American Catholicism is plagued by far too many bishops who have stopped evolving, and the ones who have evolved have been shouted down by those who haven't. These more evolved bishops represent a real threat to hard line fundamentalists, who see these more pluralistic bishops as luke warm capitulators to rational secularism. The fact is they aren't capitulating to secularism, they have moved beyond fundamentalism. No different than Jesus, who moved way beyond Jewish legalism, and for which He was condemned to death. His crucifixion is a perfect example of how fundamentalists can not hear the invitation to evolve in wisdom, knowledge, and love. They hear a threat to the status quo, not an invitation to something better.
I'm curious to see what comes out of the USCCB meeting this week in San Antonio. I'm sure Notre Dame will be a hot topic, and well it should. This situation surely drew a line in the sand between the more fundamentalist bishops and those who chose not to speak out. If the fundamentalists have the day, that won't be a good sign for American Catholicism. As Mr. Martial writes, those further along in consciousness development can extend tolerance and acceptance to fundamentalists of either the left or the right, but it's a one way street. If the fundamentalists win the day, the polarization of American Catholicism will only get worse.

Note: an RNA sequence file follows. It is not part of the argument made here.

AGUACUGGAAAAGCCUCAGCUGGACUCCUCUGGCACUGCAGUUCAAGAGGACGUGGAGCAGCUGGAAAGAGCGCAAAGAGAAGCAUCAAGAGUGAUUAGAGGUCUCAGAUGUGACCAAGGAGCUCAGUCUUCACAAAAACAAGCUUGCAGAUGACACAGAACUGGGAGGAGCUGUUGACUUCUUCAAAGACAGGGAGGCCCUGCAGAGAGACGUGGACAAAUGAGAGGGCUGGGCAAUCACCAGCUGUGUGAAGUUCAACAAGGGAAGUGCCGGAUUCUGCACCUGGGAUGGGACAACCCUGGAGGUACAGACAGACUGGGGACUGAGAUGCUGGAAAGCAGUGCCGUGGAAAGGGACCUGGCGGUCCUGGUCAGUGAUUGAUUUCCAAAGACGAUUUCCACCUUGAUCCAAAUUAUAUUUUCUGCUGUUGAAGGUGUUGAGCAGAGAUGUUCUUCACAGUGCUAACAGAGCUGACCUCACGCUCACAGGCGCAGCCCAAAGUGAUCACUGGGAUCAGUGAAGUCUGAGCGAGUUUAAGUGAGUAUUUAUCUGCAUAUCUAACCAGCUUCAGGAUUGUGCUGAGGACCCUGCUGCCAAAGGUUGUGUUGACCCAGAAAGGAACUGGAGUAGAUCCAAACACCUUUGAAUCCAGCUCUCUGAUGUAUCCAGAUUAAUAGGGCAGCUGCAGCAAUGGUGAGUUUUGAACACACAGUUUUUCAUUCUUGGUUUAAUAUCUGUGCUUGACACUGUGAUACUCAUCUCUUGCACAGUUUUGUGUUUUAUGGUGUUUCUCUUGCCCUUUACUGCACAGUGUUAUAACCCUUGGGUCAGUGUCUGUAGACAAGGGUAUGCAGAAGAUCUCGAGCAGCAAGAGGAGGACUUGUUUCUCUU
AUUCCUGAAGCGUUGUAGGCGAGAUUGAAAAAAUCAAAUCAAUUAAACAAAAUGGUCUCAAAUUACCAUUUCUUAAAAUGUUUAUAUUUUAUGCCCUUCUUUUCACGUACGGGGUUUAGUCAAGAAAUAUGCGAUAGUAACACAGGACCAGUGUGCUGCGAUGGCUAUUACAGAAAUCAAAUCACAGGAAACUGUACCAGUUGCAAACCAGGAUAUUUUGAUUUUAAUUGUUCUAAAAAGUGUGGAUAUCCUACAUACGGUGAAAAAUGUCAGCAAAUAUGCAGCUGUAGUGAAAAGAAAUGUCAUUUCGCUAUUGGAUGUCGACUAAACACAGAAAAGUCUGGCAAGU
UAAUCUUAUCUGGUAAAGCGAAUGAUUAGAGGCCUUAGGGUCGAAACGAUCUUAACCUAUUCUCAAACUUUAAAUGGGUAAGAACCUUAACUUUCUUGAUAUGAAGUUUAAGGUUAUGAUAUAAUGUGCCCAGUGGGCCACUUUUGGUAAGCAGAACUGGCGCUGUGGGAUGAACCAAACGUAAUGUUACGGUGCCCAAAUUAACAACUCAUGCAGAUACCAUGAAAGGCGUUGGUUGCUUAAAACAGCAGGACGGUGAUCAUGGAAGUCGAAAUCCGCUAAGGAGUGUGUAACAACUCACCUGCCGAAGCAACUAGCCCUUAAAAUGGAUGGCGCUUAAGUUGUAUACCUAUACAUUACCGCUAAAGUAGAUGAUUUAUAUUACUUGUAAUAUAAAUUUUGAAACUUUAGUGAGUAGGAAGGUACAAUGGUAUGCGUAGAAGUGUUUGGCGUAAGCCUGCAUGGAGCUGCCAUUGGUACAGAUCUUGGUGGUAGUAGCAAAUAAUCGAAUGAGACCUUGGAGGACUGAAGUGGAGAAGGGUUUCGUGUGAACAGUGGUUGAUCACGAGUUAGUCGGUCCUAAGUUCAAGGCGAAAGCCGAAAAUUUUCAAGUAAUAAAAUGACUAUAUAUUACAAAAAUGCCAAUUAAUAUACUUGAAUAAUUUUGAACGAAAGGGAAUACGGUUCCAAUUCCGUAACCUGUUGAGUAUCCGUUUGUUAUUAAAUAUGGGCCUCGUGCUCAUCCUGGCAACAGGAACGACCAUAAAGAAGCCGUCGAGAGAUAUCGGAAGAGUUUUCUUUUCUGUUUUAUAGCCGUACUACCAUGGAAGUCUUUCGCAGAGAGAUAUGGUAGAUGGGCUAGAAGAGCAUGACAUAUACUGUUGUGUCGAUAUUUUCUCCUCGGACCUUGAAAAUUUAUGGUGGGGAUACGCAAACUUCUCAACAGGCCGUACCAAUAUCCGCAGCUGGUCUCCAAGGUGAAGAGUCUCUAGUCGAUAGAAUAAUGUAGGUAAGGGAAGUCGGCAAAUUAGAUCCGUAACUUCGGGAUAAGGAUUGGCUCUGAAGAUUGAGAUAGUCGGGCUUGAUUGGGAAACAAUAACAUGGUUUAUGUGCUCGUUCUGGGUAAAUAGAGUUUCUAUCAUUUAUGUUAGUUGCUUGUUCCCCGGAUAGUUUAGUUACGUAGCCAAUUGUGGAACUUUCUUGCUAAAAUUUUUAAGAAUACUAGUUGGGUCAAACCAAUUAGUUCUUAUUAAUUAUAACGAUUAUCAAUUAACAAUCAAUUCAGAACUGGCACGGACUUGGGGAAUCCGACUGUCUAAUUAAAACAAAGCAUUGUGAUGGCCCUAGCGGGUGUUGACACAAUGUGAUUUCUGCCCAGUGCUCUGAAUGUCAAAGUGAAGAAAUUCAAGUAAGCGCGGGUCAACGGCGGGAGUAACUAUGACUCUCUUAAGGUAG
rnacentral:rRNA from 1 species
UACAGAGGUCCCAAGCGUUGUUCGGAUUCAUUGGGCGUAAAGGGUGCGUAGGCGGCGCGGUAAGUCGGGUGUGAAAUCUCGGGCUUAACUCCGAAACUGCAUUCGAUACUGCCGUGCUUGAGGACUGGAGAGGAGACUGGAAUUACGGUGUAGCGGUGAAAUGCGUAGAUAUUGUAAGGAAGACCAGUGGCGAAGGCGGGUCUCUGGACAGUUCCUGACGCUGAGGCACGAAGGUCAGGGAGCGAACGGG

On a more positive note though, I thought it interesting that Archbishop Chaput made a real effort to work on immigration reform with Colorado's Democratic Congressman Jared Polis. Polis is a gay pro choice politician, but Archbishop Chaput dropped his differences with Polis on these issues in order to push for meaningful immigration reform:
"Immigration reform in this country has been gridlocked for more than three years, and both Democrats and Republicans have created that paralysis. We made our immigration crisis in a bipartisan way. Now we need to solve it in a bipartisan way that involves good people from both parties or no party; and people who may have very different convictions. I’m pretty confident that Congressman Polis and I would agree that we disagree – vigorously – on some very serious social issues. But those issues aren’t on the agenda today. What’s on the agenda today is finding a way to make our immigration laws better. We have a mutual interest in that important work -- and I respect the congressman’s sincerity and energy in trying to do something about it."
Maybe there is some hope after all.